Regional cerebral blood flow in normal blood circulated and perfluorocarbon transfused rats.
Perfluorocarbon blood substitutes have been shown to exert a protective effect in animal models of cerebral ischemia. The mechanisms by which PFCs improve cerebral hemodynamics are uncertain, however decreased viscosity, small particle size and high oxygen solubility relative to plasma are important factors. Extensive perfluorocarbon exchange transfusion (FC-43) in the rat to a hematocrit of 1%, produces a 100% increase in total cerebral blood flow (FIO2 = 1.0, CaO2 = 6 vol%). Similar increases were seen in normal blood circulated animals breathing 12% O2 (CaO2 = 12 vol%). Therefore, immediately following PFC exchange and the resulting decrease in CaO2, oxygen delivery to the brain is maintained by increasing total blood flow in a manner similar to hypoxic hypoxia.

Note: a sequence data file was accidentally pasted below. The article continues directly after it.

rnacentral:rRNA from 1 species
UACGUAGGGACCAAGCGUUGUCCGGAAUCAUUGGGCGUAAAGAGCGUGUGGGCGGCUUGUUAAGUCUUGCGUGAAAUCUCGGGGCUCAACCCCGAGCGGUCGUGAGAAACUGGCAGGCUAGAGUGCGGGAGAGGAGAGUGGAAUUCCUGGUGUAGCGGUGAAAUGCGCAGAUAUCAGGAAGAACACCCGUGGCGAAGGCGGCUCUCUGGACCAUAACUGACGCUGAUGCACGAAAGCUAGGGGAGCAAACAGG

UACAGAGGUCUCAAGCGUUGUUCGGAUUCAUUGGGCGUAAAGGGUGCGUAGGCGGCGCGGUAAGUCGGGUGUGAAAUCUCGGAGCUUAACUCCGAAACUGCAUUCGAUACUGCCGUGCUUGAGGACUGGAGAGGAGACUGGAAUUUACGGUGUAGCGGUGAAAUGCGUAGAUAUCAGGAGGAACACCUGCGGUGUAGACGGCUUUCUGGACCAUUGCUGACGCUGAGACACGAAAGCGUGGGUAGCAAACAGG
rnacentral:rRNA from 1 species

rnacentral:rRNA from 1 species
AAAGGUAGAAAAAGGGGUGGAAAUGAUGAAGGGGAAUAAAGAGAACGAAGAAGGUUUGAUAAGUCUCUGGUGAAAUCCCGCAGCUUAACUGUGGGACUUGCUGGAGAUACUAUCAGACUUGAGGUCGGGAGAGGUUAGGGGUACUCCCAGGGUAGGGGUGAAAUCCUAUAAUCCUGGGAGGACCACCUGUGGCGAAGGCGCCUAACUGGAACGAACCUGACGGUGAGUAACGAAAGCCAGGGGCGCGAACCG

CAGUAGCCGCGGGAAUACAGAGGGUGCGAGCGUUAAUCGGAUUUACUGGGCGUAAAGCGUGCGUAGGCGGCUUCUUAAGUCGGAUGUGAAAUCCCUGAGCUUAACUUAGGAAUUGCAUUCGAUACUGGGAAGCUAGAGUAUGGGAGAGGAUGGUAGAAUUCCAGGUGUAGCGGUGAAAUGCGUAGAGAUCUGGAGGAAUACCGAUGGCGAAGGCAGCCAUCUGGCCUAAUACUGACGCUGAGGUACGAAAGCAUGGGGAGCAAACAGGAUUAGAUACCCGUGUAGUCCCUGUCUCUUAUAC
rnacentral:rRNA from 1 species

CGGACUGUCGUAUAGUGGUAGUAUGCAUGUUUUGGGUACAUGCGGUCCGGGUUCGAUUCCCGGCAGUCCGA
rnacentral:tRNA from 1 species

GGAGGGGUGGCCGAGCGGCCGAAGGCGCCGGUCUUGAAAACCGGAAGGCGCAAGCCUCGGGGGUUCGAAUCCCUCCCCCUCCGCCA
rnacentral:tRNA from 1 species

Lee, PA; McHale, PA; Piantadosi, CA; Sylvia, AL
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